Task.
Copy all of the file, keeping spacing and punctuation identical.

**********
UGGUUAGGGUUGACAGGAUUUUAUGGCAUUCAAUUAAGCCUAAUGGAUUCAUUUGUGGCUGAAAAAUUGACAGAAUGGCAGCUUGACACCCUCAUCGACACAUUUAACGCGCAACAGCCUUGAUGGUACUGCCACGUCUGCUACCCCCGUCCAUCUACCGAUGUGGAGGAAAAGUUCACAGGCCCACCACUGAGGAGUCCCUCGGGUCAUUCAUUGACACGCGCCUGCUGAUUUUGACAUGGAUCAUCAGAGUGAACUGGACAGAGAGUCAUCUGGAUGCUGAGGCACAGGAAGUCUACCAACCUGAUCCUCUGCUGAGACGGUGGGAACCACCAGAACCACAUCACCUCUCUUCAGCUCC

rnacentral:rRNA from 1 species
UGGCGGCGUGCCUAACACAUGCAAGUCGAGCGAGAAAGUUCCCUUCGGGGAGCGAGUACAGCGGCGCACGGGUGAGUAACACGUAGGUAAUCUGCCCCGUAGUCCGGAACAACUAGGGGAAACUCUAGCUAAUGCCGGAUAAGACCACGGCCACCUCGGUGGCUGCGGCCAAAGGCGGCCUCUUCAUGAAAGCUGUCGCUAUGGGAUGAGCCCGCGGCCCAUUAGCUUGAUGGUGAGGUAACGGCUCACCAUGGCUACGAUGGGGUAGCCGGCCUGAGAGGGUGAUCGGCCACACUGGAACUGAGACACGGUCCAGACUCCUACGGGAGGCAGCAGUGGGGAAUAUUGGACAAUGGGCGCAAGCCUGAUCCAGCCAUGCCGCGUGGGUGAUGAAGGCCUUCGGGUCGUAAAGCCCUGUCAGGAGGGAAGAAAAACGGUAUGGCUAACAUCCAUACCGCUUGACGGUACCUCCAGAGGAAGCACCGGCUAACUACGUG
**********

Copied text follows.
UGGUUAGGGUUGACAGGAUUUUAUGGCAUUCAAUUAAGCCUAAUGGAUUCAUUUGUGGCUGAAAAAUUGACAGAAUGGCAGCUUGACACCCUCAUCGACACAUUUAACGCGCAACAGCCUUGAUGGUACUGCCACGUCUGCUACCCCCGUCCAUCUACCGAUGUGGAGGAAAAGUUCACAGGCCCACCACUGAGGAGUCCCUCGGGUCAUUCAUUGACACGCGCCUGCUGAUUUUGACAUGGAUCAUCAGAGUGAACUGGACAGAGAGUCAUCUGGAUGCUGAGGCACAGGAAGUCUACCAACCUGAUCCUCUGCUGAGACGGUGGGAACCACCAGAACCACAUCACCUCUCUUCAGCUCC

rnacentral:rRNA from 1 species
UGGCGGCGUGCCUAACACAUGCAAGUCGAGCGAGAAAGUUCCCUUCGGGGAGCGAGUACAGCGGCGCACGGGUGAGUAACACGUAGGUAAUCUGCCCCGUAGUCCGGAACAACUAGGGGAAACUCUAGCUAAUGCCGGAUAAGACCACGGCCACCUCGGUGGCUGCGGCCAAAGGCGGCCUCUUCAUGAAAGCUGUCGCUAUGGGAUGAGCCCGCGGCCCAUUAGCUUGAUGGUGAGGUAACGGCUCACCAUGGCUACGAUGGGGUAGCCGGCCUGAGAGGGUGAUCGGCCACACUGGAACUGAGACACGGUCCAGACUCCUACGGGAGGCAGCAGUGGGGAAUAUUGGACAAUGGGCGCAAGCCUGAUCCAGCCAUGCCGCGUGGGUGAUGAAGGCCUUCGGGUCGUAAAGCCCUGUCAGGAGGGAAGAAAAACGGUAUGGCUAACAUCCAUACCGCUUGACGGUACCUCCAGAGGAAGCACCGGCUAACUACGUG